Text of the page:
This course introduces the principles and practices of medical microbiology intended nursing students. Topics include: the nature and behavior of microorganisms; principles of growth and reproduction of microorganisms; identification of microorganisms using staining, pure culture, biochemical and antigenic techniques; and the epidemiology, clinical features, laboratory diagnosis and control measures for microbial diseases caused by viruses, bacteria, fungi, protozoa and helminthes. Students are required to complete an organism identification project.
This is a comprehensive study of the principles of microbiology. A brief survey of the history of the science and evolutionary taxonomy is given. Emphasis is placed on understanding the variety and differences among microbes, their metabolism, genetics, and their relationships as pathogens or probiotics to humans and activity in the environment. Also covered are molecular biology technologies, including genetic engineering, gene therapy, PCR genomics, and cloning. Laboratory study accompanies this course requiring successful completion of topic supportive exercises and of completing an unknown project where a mixed culture is given to each student for isolation and identification as partial requirement of the course. This course fulfills Biology major requirements.
The course covers factors that influence the distribution of organisms; populations and species interactions, such competition and predation; communities, their structure, dynamics, and the flow of energy; and ecosystems, their structure and dynamics, and particularly the effects of changing climate. Also covered are the role of evolution and human impact, including effects of harvesting, pesticides, invasive species, and restoration ecology. This one-semester course is geared toward preparing students for upper division courses in biology and related fields. Laboratory investigation will involve some field-study techniques and support topics discussed in class.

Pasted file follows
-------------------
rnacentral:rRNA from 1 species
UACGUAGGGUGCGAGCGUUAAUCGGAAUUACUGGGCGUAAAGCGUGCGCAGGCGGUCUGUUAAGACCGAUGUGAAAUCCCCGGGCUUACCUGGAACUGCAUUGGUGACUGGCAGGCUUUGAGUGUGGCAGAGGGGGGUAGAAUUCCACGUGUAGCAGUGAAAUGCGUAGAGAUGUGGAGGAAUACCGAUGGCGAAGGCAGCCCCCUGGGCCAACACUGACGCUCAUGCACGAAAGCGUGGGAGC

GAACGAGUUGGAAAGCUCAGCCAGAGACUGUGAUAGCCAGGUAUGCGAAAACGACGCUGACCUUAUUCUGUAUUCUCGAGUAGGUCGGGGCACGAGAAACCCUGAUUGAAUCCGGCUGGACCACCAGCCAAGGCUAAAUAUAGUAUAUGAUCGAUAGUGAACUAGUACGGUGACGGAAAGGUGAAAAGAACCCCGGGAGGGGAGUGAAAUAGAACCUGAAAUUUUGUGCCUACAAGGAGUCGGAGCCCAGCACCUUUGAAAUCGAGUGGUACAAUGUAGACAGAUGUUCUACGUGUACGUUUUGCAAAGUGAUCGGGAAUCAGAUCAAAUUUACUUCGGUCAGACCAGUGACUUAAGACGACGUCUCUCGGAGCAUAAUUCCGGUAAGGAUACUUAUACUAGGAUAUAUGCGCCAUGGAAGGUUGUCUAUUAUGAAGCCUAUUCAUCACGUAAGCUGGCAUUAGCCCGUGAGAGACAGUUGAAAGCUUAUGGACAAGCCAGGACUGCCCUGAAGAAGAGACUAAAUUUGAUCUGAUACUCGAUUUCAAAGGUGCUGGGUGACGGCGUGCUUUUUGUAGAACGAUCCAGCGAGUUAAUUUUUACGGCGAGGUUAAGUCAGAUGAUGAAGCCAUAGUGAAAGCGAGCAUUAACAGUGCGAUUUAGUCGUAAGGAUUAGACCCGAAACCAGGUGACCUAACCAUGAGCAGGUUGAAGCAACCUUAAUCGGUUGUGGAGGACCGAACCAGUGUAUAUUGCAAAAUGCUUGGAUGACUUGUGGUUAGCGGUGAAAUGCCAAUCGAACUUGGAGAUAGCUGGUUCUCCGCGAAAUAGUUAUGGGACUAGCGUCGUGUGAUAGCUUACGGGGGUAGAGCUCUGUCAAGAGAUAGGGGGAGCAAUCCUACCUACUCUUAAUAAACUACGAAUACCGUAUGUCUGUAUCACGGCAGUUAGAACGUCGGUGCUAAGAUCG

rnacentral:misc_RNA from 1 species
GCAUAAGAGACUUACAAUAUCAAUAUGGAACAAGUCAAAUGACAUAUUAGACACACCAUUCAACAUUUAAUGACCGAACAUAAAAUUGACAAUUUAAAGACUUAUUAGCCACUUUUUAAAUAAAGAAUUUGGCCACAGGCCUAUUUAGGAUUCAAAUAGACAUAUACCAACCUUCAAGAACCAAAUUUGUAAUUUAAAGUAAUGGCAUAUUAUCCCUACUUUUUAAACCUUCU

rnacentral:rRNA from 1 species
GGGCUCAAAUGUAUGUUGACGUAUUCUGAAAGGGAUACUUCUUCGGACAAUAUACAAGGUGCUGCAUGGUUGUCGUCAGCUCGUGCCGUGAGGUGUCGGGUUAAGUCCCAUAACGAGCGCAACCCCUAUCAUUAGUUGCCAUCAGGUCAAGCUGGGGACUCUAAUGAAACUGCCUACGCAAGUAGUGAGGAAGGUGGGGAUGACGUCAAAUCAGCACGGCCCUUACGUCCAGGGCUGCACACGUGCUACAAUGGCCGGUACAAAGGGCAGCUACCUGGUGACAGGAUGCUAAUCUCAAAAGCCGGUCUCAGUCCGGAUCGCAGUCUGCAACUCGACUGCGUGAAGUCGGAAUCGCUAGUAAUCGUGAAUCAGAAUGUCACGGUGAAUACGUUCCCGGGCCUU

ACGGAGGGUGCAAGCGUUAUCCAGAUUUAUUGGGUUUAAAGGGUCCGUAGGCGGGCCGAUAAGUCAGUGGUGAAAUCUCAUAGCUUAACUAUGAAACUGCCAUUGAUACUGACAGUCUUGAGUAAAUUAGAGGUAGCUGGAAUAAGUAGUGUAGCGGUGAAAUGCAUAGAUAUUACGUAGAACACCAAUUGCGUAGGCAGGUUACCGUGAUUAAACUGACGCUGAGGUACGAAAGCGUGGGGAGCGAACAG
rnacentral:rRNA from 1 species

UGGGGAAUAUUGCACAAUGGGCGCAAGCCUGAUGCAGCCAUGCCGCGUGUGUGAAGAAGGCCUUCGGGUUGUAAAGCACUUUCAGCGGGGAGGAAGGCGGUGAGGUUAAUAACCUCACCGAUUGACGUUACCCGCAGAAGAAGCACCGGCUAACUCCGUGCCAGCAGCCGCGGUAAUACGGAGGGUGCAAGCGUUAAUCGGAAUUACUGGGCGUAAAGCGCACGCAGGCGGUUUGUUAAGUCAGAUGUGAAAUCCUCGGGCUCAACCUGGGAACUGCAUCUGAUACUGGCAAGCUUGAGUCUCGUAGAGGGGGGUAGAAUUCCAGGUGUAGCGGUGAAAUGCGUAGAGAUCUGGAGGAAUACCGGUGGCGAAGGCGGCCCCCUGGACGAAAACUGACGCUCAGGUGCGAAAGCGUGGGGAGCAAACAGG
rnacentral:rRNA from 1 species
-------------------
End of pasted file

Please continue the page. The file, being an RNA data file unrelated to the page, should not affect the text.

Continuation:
UNH Transfer Preference
This course covers chemical structure of genetic material, Mendelism, gene recombination, and chromosome mapping, mutation, gene expression and regulation, and recombinant DNA. Quantitative inheritance and population genetics utilizing bioinformatics for class project. Laboratory: Hands-on experience with some of the important organisms used for research in genetics (Drosophila, E coli, yeast, C. elegans, and plants). Investigation of fundamental genetic concepts in the laboratory, experience with transmission and molecular genetic techniques, introduction to bioinformatics, and analysis and interpretation of data.
UNH Transfer Preference
BIOL205N, BIOL207N and BIOL202N will satisfy this requirement
Advanced Topics in Biology will rotate through different upper-level science courses per semester, and may include endocrinology, biochemistry, molecular biology, cellular biology, or other topics. This course is designed to increase students' scientific knowledge, hone organizational techniques, advance analytical reasoning and enhance critical thinking skills. Students will have the opportunity to apply basic theories and skills learned in their previous science courses to collect data from scientific databases, assess quality of the cited research, and design analytic rubrics while learning the more in-depth language and content of an upper-level course. In addition to classroom instruction, students will work individually under the supervising faculty member to synthesize information from various current sources with their theoretical knowledge into a final project paper. Laboratory experiences may be added to increase student understanding of the scientific techniques being used in current literature. Students may be asked to present their research to the college community. Laboratory: Any laboratory experience will be project-based and not research based. Emphasis will be on development of technical skills, understanding results from new techniques and applying previous knowledge to problem-solving.